In his 1937 book, Genetics and the Origin of Species, Theodosius Dobzhansky cited the emergence of insect populations that were resistant to chemical insecticides as "probably the best proof of the effectiveness of natural selection yet obtained" (Dobzhansky, 1937, p. 161). Dobzhansky learned of insect resistance first-hand from Henry J. Quayle, an economic entomologist and director of the Citrus Experiment Station in Riverside, California (Perkins, 1982, p. 65). Although by the mid-1930s, there were more than two dozen scientific articles published on insecticide resistance, Dobzhansky simply noted that Quayle "permits me to quote the following data from his manuscript" describing several species of insect pests, known collectively as scales, found in the citrus groves of southern California that no longer could be controlled by the standard chemical treatment of hydrocyanic gas fumigation. Dobzhansky further noted that "careful laboratory experiments have established beyond a reasonable doubt that the difference between the cyanide-resistant and the non-resistant strains is a real one," by which he meant that the cause was due to genetic variation in the insect populations (Dobzhansky, 1937, p. 161).
The examples of insect resistance found in natural populations of citrus scale in southern California provided a key piece of evidence in the formulation of Dobzhansky's "synthetic" theory of evolution. In the subsequent editions of Genetics and the Origin of Species published in 1941 and 1951, he gready expanded the section on historical changes of natural populations in which he discussed insect resistance, eliminating some of the outdated references to industrial melanism and crab body size that formed the bulk of his evidence for selection in the 1937 edition. He also included newer field and laboratory stuthes on resistance to insecticides, as well as the related phenomena of phage-resistance in bacteria.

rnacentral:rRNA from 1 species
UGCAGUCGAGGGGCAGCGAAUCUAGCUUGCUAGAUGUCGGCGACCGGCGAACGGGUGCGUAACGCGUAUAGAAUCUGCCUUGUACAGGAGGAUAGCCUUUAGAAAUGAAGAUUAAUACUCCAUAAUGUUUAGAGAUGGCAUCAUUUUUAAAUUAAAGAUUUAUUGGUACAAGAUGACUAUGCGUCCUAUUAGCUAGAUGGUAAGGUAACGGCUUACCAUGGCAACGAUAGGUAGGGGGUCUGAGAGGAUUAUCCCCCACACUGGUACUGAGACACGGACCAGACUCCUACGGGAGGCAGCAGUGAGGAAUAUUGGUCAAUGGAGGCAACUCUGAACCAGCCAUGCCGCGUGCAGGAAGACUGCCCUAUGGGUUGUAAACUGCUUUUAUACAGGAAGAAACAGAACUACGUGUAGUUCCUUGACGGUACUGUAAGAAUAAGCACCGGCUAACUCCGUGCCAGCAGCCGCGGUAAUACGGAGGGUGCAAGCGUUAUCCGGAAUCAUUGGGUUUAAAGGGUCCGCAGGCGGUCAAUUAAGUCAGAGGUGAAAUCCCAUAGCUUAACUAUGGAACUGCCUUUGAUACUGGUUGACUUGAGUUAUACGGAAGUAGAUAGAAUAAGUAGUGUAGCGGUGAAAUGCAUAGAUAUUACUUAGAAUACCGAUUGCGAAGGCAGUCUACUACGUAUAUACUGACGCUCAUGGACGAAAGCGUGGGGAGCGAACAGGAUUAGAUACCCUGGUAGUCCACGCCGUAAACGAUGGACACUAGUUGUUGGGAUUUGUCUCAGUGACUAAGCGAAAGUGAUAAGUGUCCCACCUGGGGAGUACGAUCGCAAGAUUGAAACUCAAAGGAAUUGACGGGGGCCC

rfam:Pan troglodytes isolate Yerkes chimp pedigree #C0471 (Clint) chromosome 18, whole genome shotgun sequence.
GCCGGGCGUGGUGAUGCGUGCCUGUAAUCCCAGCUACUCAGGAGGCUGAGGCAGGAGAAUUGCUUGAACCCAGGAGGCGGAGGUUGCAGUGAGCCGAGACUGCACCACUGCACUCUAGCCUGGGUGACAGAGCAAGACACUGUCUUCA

Quayle and his group at the Citrus Experiment Station were not the first to study insect resistance to insecticides. In 1897, an entomologist from the New Jersey Agricultural Experiment Station noted the appearance of insect strains in Colorado and the eastern United States that no longer responded to standard treatment by kerosene spraying (Smith, 1897). In 1914, Axel L. Melander, an economic entomologist from Washington state described difficulties controlling the San Jose scale, a common apple orchard pest, dating back to 1908 (Melander, 1914). By the early 1940s, field researchers had identified about ten agricultural pests and laboratory strains that were capable of withstanding exposures to insecticides diat had previously been highly effective in killing these same species (Quayle, 1943). All of these cases involved resistance to inorganic insecticides such as those based on lead, arsenic, cyanide, and other toxic compounds diat had been in use since the nineteendi century. In addition, each of these early cases of insect resistance was a relatively local occurrence.
The phenomenon of insect resistance to insecticides achieved international scope in the mid- 1940s following the introduction and widespread use of DDT and other organic insecticides diat transformed insect resistance to a global agricultural and public healdi dilemma (Ceccatti, 2004a; Simon, 1999). By the early 1950s, there were more than two dozen resistant insect species - from houseflies and mosquitoes to granary weevils and bedbugs (Babers & Pratt, 1951). With the widespread application of DDT and other synthetic organic insecticides following the Second World War, insecticide resistance became not only a concern for agriculture but also a worry for global public health and even the military. At a 1951 conference convened by the U.S. Army Medical Research and Development Board, A. D. Ness, the Assistant Chief of the U.S. Public Healdi Service, noted diat "insecticide resistance is not a new problem to the agricultural entomologist, but to the medical entomologist it is a relatively new problem. …